The many compound microscope parts may seem overwhelming at first, but they all have a distinct purpose. This article will familiarize you with the basic parts of a compound microscope.
This results in a two-dimensional image that you can adjust depending on the strength of your lenses. With a little knowledge, a compound microscope is a wonderful tool for hobbyists, students, and scientists.
Head - The head is the uppermost part of the microscope that contains the eyepiece, tube, objective lens, and nosepiece. So all the optical parts of a compound microscope are in the head.
Eyepiece - The eyepiece is the lens at the top, and the part you look through when using the microscope. Usually, the eyepiece magnifies by 10x or 15x, although higher magnifications are available. Multiply the power of the eyepiece lens by the power of the objective lens to get the total magnification of the microscope. So if you have a 10x eyepiece and are using a 40x objective lens, you have a magnification of 400x.
Tube - This attaches the eyepiece to the objective lenses.
Objective Lenses - These are the microscope's main lens system. They are located close to the specimen for maximum magnification. There are usually 3 or 4 objective lenses per microscope (the picture above has 3), and they usually have powers of 4x, 10x, 40x, and 100x respectively (one power per lens). Multiply the power of the objective lens in use by the power of the eyepiece to get the total magnification of the specimen.
Nosepiece - No, it's not a place to rest your nose! The nosepiece holds the objective lenses, and rotates easily to allow you to select between them. It is also called the turret.
Arm - The arm supports the head and connects it to the base. Not all compound microscope parts will include an arm, but many will (especially those for kids and students).
Stage - The flat surface that holds the slide. A stage can have varying levels of movement. If it's a mechanical stage, you'll be able to use two different knobs to move the slide up or down, and left or right.
Stage Clips - The clips on the stage that hold the slide in place. If you don't have a mechanical stage, the clips will help lock the slide in place after you have it where you want it. The clips aren't labeled on this diagram but you can clearly see them holding the slide in place.
Aperture - The hole in the stage that allows light from the illuminator to hit the specimen. Not labeled in the above diagram but you can see it as a lightly glowing circle in the middle of the slide. (Above the reflection of the objective lens, which shows as a black circle).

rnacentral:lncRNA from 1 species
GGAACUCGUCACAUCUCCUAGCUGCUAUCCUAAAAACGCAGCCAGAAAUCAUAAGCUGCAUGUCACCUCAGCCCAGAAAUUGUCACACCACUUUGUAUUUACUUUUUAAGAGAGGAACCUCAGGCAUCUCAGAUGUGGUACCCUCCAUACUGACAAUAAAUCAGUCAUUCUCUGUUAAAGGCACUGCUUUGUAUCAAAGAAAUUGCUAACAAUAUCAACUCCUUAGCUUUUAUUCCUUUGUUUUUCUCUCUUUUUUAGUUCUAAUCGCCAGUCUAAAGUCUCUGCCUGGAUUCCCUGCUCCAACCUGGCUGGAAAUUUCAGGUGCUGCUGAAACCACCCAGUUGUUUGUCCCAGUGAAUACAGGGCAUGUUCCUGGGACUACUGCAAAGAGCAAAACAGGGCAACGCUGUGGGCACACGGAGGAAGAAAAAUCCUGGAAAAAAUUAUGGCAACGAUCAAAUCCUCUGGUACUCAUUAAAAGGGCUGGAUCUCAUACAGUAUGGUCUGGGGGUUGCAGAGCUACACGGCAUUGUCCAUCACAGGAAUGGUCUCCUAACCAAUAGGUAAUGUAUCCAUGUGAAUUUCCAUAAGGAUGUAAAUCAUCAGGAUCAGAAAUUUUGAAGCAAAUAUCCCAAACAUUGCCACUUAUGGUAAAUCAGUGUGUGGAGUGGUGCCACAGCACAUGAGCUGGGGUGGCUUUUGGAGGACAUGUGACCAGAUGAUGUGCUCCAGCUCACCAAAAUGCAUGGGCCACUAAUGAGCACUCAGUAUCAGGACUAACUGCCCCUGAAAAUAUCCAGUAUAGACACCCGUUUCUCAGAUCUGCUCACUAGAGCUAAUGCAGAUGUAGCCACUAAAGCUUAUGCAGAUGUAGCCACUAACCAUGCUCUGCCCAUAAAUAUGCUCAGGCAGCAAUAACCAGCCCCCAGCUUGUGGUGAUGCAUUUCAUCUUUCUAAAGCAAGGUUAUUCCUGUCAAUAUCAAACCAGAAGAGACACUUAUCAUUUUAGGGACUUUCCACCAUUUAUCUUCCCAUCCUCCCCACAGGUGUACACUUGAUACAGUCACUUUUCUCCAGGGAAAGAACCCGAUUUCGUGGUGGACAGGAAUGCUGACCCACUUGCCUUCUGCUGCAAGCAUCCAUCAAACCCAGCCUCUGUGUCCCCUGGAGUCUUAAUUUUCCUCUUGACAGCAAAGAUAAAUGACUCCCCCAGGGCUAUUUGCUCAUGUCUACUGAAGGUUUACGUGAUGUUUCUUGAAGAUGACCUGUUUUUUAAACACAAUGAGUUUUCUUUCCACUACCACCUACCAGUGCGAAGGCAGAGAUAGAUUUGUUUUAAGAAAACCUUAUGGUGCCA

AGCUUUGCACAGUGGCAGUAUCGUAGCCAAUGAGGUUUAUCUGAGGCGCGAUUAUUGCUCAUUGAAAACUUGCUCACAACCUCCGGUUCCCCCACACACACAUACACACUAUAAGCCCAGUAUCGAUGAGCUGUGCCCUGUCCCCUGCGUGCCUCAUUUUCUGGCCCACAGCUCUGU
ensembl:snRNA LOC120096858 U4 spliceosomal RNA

Illuminator - The illuminator provides the light for the microscope. It's usually a light bulb that's located underneath the stage.
Focus Knobs (Coarse and Fine) - These knobs bring the specimen into focus by moving the stage. The coarse focus knob moves the stage up and down in larger increments, and the fine focus knob moves the stage up and down in smaller increments (allowing for greater control and more detail when focusing). These may be two separate knobs, or combined into one. In less advanced kids microscopes, there may only be one focus knob.
Base - The bottom part of the microscope. It's used for support and to hold the illuminator.
Iris Diaphragm - This is a rotating disc with holes of various sizes that allows you to control the amount of light hitting the slide. It is mounted below the stage and above the condenser (if there is one). Depending on your specimen and magnification level, you may or may not need to use it. (It's a matter of experimentation).
The iris diaphragm may also be called a disc diaphragm or aperture wheel. It's not readily visible in the above picture, so here's a shot of it from below (this is underneath the stage).
There are a few more compound microscope parts not shown in the above image. The most common are:
Condenser - The condenser is another lens. Its purpose is to focus the light from the illuminator to the slide. Located underneath the stage, it usually contains the iris diaphragm as well (but not always, as we see above). Because it allows you greater focus and control over the light source, microscopes with condensers will show more detailed images than those without.
The disadvantage of the condenser is that it's another lens to worry about focusing. This is why you often won't see them on microscopes for kids. A microscope with a condenser will also have condenser focusing knobs that move the lens up and down.
Rack Stop - Some microscopes will have a rack stop, which is a small screw that prevents the objective lenses from cracking a slide by getting too close. You can see some nice pictures of a rack stop at the Microscope World Blog.
All of these compound microscope parts may seem overwhelming, but they become quite easy to use with practice. Just treat your microscope gently and take the time to learn all the features. You'll be viewing specimens in no time!